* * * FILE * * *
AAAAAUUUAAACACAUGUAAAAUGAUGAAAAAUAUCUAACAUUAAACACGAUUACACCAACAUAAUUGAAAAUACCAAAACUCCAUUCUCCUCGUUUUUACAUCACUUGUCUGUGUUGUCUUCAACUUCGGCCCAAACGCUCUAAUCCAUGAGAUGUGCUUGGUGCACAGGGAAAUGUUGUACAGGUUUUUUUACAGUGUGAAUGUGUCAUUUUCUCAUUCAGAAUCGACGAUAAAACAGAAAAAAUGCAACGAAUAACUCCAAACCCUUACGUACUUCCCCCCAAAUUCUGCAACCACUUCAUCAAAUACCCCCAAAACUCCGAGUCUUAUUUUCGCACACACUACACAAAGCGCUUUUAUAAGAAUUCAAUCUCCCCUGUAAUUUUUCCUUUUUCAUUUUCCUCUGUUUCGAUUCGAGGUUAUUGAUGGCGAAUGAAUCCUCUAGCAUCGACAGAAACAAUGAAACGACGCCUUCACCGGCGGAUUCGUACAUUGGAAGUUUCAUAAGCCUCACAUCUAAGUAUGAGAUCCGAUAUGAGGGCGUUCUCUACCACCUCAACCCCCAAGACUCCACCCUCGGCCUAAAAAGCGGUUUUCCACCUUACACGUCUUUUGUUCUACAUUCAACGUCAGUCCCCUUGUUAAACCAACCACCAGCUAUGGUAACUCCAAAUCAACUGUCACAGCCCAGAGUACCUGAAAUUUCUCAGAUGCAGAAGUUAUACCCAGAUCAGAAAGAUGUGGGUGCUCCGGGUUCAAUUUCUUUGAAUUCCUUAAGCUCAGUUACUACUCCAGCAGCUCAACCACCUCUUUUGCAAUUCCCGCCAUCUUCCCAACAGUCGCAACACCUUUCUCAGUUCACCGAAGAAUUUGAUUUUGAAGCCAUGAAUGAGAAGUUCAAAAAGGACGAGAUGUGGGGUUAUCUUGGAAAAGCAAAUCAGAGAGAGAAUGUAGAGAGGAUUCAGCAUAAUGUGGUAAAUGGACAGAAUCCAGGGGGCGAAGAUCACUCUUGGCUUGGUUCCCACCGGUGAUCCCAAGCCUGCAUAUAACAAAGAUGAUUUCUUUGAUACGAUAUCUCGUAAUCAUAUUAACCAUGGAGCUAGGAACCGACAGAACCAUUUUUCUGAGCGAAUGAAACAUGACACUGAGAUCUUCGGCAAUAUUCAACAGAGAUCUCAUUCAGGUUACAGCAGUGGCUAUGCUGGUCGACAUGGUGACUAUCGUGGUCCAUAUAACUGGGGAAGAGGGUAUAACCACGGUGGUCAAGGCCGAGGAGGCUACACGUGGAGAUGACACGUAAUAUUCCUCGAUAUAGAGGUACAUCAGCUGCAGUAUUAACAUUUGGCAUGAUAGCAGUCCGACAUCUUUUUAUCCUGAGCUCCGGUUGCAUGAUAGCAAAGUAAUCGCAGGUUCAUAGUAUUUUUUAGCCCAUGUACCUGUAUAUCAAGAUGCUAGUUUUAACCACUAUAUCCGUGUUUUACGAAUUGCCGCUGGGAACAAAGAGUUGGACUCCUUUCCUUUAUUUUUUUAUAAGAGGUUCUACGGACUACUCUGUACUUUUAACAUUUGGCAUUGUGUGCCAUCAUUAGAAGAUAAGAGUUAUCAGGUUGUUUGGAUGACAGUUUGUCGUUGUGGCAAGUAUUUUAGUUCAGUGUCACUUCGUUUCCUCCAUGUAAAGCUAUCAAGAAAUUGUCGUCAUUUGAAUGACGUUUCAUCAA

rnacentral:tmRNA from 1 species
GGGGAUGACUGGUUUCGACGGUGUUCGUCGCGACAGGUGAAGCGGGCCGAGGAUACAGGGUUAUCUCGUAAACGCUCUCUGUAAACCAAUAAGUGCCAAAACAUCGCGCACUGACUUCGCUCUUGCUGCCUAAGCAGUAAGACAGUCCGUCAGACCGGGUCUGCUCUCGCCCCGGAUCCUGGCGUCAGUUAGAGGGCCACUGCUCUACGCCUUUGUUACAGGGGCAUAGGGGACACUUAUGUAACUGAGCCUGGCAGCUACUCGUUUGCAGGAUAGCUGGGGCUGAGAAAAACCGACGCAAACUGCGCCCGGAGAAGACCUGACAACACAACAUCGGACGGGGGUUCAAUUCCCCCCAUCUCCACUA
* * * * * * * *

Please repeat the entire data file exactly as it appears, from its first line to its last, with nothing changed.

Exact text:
AAAAAUUUAAACACAUGUAAAAUGAUGAAAAAUAUCUAACAUUAAACACGAUUACACCAACAUAAUUGAAAAUACCAAAACUCCAUUCUCCUCGUUUUUACAUCACUUGUCUGUGUUGUCUUCAACUUCGGCCCAAACGCUCUAAUCCAUGAGAUGUGCUUGGUGCACAGGGAAAUGUUGUACAGGUUUUUUUACAGUGUGAAUGUGUCAUUUUCUCAUUCAGAAUCGACGAUAAAACAGAAAAAAUGCAACGAAUAACUCCAAACCCUUACGUACUUCCCCCCAAAUUCUGCAACCACUUCAUCAAAUACCCCCAAAACUCCGAGUCUUAUUUUCGCACACACUACACAAAGCGCUUUUAUAAGAAUUCAAUCUCCCCUGUAAUUUUUCCUUUUUCAUUUUCCUCUGUUUCGAUUCGAGGUUAUUGAUGGCGAAUGAAUCCUCUAGCAUCGACAGAAACAAUGAAACGACGCCUUCACCGGCGGAUUCGUACAUUGGAAGUUUCAUAAGCCUCACAUCUAAGUAUGAGAUCCGAUAUGAGGGCGUUCUCUACCACCUCAACCCCCAAGACUCCACCCUCGGCCUAAAAAGCGGUUUUCCACCUUACACGUCUUUUGUUCUACAUUCAACGUCAGUCCCCUUGUUAAACCAACCACCAGCUAUGGUAACUCCAAAUCAACUGUCACAGCCCAGAGUACCUGAAAUUUCUCAGAUGCAGAAGUUAUACCCAGAUCAGAAAGAUGUGGGUGCUCCGGGUUCAAUUUCUUUGAAUUCCUUAAGCUCAGUUACUACUCCAGCAGCUCAACCACCUCUUUUGCAAUUCCCGCCAUCUUCCCAACAGUCGCAACACCUUUCUCAGUUCACCGAAGAAUUUGAUUUUGAAGCCAUGAAUGAGAAGUUCAAAAAGGACGAGAUGUGGGGUUAUCUUGGAAAAGCAAAUCAGAGAGAGAAUGUAGAGAGGAUUCAGCAUAAUGUGGUAAAUGGACAGAAUCCAGGGGGCGAAGAUCACUCUUGGCUUGGUUCCCACCGGUGAUCCCAAGCCUGCAUAUAACAAAGAUGAUUUCUUUGAUACGAUAUCUCGUAAUCAUAUUAACCAUGGAGCUAGGAACCGACAGAACCAUUUUUCUGAGCGAAUGAAACAUGACACUGAGAUCUUCGGCAAUAUUCAACAGAGAUCUCAUUCAGGUUACAGCAGUGGCUAUGCUGGUCGACAUGGUGACUAUCGUGGUCCAUAUAACUGGGGAAGAGGGUAUAACCACGGUGGUCAAGGCCGAGGAGGCUACACGUGGAGAUGACACGUAAUAUUCCUCGAUAUAGAGGUACAUCAGCUGCAGUAUUAACAUUUGGCAUGAUAGCAGUCCGACAUCUUUUUAUCCUGAGCUCCGGUUGCAUGAUAGCAAAGUAAUCGCAGGUUCAUAGUAUUUUUUAGCCCAUGUACCUGUAUAUCAAGAUGCUAGUUUUAACCACUAUAUCCGUGUUUUACGAAUUGCCGCUGGGAACAAAGAGUUGGACUCCUUUCCUUUAUUUUUUUAUAAGAGGUUCUACGGACUACUCUGUACUUUUAACAUUUGGCAUUGUGUGCCAUCAUUAGAAGAUAAGAGUUAUCAGGUUGUUUGGAUGACAGUUUGUCGUUGUGGCAAGUAUUUUAGUUCAGUGUCACUUCGUUUCCUCCAUGUAAAGCUAUCAAGAAAUUGUCGUCAUUUGAAUGACGUUUCAUCAA

rnacentral:tmRNA from 1 species
GGGGAUGACUGGUUUCGACGGUGUUCGUCGCGACAGGUGAAGCGGGCCGAGGAUACAGGGUUAUCUCGUAAACGCUCUCUGUAAACCAAUAAGUGCCAAAACAUCGCGCACUGACUUCGCUCUUGCUGCCUAAGCAGUAAGACAGUCCGUCAGACCGGGUCUGCUCUCGCCCCGGAUCCUGGCGUCAGUUAGAGGGCCACUGCUCUACGCCUUUGUUACAGGGGCAUAGGGGACACUUAUGUAACUGAGCCUGGCAGCUACUCGUUUGCAGGAUAGCUGGGGCUGAGAAAAACCGACGCAAACUGCGCCCGGAGAAGACCUGACAACACAACAUCGGACGGGGGUUCAAUUCCCCCCAUCUCCACUA